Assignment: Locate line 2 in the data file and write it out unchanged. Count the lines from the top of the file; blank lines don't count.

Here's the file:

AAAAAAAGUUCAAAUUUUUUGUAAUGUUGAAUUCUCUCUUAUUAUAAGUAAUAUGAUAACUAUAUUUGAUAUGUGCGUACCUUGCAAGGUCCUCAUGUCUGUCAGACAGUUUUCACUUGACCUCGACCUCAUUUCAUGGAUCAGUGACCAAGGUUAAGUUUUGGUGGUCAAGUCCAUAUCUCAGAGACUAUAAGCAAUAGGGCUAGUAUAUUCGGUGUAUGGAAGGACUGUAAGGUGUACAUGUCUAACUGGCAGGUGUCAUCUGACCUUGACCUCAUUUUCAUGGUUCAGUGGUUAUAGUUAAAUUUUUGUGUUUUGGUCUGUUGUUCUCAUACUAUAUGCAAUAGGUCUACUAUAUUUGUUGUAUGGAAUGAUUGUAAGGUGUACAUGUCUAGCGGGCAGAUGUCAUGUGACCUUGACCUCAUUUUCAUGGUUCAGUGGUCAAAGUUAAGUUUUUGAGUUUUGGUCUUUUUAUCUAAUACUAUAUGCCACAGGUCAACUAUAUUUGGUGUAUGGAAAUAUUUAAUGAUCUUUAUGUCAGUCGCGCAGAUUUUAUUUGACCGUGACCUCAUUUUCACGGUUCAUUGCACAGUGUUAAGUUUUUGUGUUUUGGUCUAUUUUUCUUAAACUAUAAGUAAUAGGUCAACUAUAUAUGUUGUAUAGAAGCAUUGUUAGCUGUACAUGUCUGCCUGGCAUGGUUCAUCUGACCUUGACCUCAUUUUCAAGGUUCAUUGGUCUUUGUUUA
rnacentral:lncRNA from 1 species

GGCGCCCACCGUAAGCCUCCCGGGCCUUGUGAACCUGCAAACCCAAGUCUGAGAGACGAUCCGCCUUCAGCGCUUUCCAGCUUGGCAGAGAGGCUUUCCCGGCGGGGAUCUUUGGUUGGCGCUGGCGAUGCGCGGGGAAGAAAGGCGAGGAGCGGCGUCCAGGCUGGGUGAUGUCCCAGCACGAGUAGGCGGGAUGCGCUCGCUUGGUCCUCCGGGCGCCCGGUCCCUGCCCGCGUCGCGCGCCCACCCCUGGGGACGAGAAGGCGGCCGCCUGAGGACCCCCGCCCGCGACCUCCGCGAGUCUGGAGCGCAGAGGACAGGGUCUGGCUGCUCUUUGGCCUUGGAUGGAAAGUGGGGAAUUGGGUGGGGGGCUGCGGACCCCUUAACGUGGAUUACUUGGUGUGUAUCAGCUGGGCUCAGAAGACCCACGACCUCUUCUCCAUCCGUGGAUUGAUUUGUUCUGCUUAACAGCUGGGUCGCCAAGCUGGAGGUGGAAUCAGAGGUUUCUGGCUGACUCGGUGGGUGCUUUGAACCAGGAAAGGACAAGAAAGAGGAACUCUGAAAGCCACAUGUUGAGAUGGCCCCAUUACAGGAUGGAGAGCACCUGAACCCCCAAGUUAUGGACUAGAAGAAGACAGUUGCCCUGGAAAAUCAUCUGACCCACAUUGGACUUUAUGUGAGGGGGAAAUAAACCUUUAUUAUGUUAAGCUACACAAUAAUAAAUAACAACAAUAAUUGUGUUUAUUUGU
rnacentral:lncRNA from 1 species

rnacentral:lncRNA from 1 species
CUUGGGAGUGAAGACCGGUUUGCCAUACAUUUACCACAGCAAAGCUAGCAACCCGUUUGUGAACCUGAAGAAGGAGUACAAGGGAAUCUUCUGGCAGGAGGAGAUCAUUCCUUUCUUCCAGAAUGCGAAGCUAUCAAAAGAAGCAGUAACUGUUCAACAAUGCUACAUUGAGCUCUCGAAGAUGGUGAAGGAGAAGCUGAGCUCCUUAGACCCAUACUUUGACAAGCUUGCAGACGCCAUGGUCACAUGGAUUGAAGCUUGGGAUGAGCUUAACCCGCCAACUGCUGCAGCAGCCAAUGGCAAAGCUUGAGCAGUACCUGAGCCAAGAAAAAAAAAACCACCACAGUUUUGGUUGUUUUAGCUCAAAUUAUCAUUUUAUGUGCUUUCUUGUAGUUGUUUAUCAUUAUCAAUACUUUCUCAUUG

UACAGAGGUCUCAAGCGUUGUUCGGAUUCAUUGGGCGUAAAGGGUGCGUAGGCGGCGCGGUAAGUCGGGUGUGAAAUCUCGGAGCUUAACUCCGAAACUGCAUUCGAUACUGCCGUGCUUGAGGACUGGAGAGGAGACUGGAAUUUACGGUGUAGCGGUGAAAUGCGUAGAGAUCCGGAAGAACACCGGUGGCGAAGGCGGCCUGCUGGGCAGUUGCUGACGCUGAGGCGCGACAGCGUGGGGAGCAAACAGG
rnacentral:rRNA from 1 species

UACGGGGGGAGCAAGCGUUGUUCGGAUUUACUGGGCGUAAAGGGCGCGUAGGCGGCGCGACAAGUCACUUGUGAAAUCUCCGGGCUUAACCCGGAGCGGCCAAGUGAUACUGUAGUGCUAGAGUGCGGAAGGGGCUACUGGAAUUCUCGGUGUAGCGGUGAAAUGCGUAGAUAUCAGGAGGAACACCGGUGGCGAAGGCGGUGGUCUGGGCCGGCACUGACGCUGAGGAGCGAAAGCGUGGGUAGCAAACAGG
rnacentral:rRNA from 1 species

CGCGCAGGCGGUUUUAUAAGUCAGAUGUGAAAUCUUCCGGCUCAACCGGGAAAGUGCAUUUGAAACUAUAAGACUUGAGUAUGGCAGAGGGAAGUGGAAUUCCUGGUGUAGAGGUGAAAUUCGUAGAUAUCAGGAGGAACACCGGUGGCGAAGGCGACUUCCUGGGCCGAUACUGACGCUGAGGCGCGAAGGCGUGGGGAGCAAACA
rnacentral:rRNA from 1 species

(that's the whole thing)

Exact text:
rnacentral:lncRNA from 1 species